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The best companies usually aren't for sale. Imagine you owned a company that has grown consistently for decades, dominates its market, and throws off large amounts of cash every year. You probably wouldn't even consider selling it, would you? If you did, where else would you invest the money from the sale?
This is why Warren Buffett is struggling to find a home for the $112bn in cash reserves that his holding company has accumulated. What is for sale usually either doesn't fit his criteria or is offered to him at too high a price.
You, on the other hand, have it much easier than Buffett's Berkshire Hathaway Holding.
The stock market regularly gets the pricing of companies wrong, at least for a while. Buying (and selling) small amounts of company stocks is so much easier than to try and buy entire companies. You can more easily slip in and out, so to speak.
What's more, you can do so based on powerful, clear signals that key shareholders of that company may be sending you. These signals can help you improve your investment success, and occasionally land a home-run.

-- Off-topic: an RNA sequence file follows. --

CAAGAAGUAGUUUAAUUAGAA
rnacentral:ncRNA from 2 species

If the majority owners of a company are spending millions (or tens of millions) on buying more of their own company's stock, then there is a pretty good chance that the stock is currently too cheap and represents a good investment.
Enter Société BIC, a company whose brands you most definitely have heard of or even bought. I guess, though, that you have never heard of BIC in an investment context!
Not one or two, but three world-leading product categories
If you buy a gas lighter, there is a 50% chance it was produced by BIC. The company sells over 2bn of them each year, way ahead of the 450m sold annually by its biggest competitor.
For any ballpoint pen you have ever used in your life, there is an almost 1-in-5 chance that it was manufactured by BIC.
The same holds true for razor blades, where BIC also holds a 20% global market share.
All of these products are seemingly cheap and simple. However, they aren't that simple after all. BIC has thrived because the company repeatedly figured out innovative ways how to produce these products in such a way that they are of high quality and reliability. E.g., back in the 1950s when ballpoint pens were a new invention, BIC invested in precision metal cutting tools to improve the tiny metal spheres for the ballpoint, which was pivotal for its success. Its crystal pen is so widely used that it has become part of global pop culture.